The political whirlwind looks set to continue throughout this year with the upcoming French and German elections, the triggering of Article 50 and Trump's presidential inauguration. With the distinct possibility of more far-right politicians coming to power the need to promote diversity and inclusivity just intensified and it's up to businesses worldwide to lead the way.
Just like the Casey report, this report is flawed in that it completely fails to address its own cultural bias, and rather than looking at the whole picture which includes deprivation, education levels, historical ethnic divisions, collapse of industry, austerity and the populist exploitation and creation of mass immigration myths, it points the finger of blame squarely and solely, once again, to migrants - and not just new immigrants, but long established migrant and minority communities.
We have a difficult time ahead. But our country has chosen its course. And so it is ours for the making, as we forge a common life and meet these shared challenges together, unfolding where we work, in our schools, streets, pubs and places of worship, in the places where people from different walks of life come together. Let's build a country which all citizens can call their own.
This Christmas our family will be remembering Jo in every moment, her energy, her enthusiasm, her love and her example. After all that's happened this year, she would hope that all of us make a resolution to do something in 2017 to bring our communities back together. To reach out to somebody that might disagree with us. Now is not a moment to shout louder into our echo chambers. It's a moment to reach out.
The researchers found that White Britons are least likely of all to socialise with other ethnic groups. Black Britons socialise with other Black Britons nearly eight times as much as the researchers would expect, while Asian Britons socialise with other Asian Britons more than five times as much as the researchers would expect. Worryingly, Britons of all ethnicities are socialising less with people from other ethnicities than in the past.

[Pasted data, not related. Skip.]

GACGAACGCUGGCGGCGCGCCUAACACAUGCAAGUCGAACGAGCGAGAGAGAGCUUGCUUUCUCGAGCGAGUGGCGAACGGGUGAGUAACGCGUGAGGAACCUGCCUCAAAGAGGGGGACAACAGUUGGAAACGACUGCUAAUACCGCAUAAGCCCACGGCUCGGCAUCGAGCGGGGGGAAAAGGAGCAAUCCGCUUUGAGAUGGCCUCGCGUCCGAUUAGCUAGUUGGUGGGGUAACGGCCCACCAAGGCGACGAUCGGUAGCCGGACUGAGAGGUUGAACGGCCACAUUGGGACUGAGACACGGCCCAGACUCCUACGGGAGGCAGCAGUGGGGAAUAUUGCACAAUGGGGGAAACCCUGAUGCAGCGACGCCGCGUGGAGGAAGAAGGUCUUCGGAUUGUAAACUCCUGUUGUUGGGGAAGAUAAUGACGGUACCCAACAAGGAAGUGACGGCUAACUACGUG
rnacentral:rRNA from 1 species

When designing and building activities that bring people together, it is cheaper to segregate than to integrate. Cheaper to build a youth programme that appeals to one group in society: the rich, the poor, one ethnic group or another, the high achievers, the left behind. It is time for the government to start to change this. To provide a similar set of subsidies, investments and incentives to entrepreneurs who connect and build a common life.
Ploughing in and tackling this thorny issue is surely a good first step. Shaking the usual suspects out of their satisfied clichés will revivify the debate; these pigeons could do with a some cats being set among them. But this on its own will not be enough. It will take hard work, concrete granular action and a way to make the debate less hysterical before integration in Britain finally moves on.
I will not allow this report to be used to vilify my community as if all Muslims are the same - they are not and it's not what it says. I will use its findings to make sure I am not turning a blind eye to attitudes and cultures in my community that mean that some who live on my street are held back, hidden or isolated. I'll do exactly the same for all no matter what community they are from.
The simple truth is that the days when someone could create a new piece of technology and set the world alight overnight are over. As technology worms its way ever deeper into the inner workings of devices and systems, any innovation has to be able to seamlessly become part of this. Failure to do so means failure as a useful tool for business.
In a move devoid of any common sense, Theresa May's government looks set to capitulate to the demands of religious groups by relaxing admissions rules for faith-based academies, allowing them to select all pupils along religious lines. It's hard to think of a more retrograde policy than the facilitation of greater religious segregation of children and young people in our education system.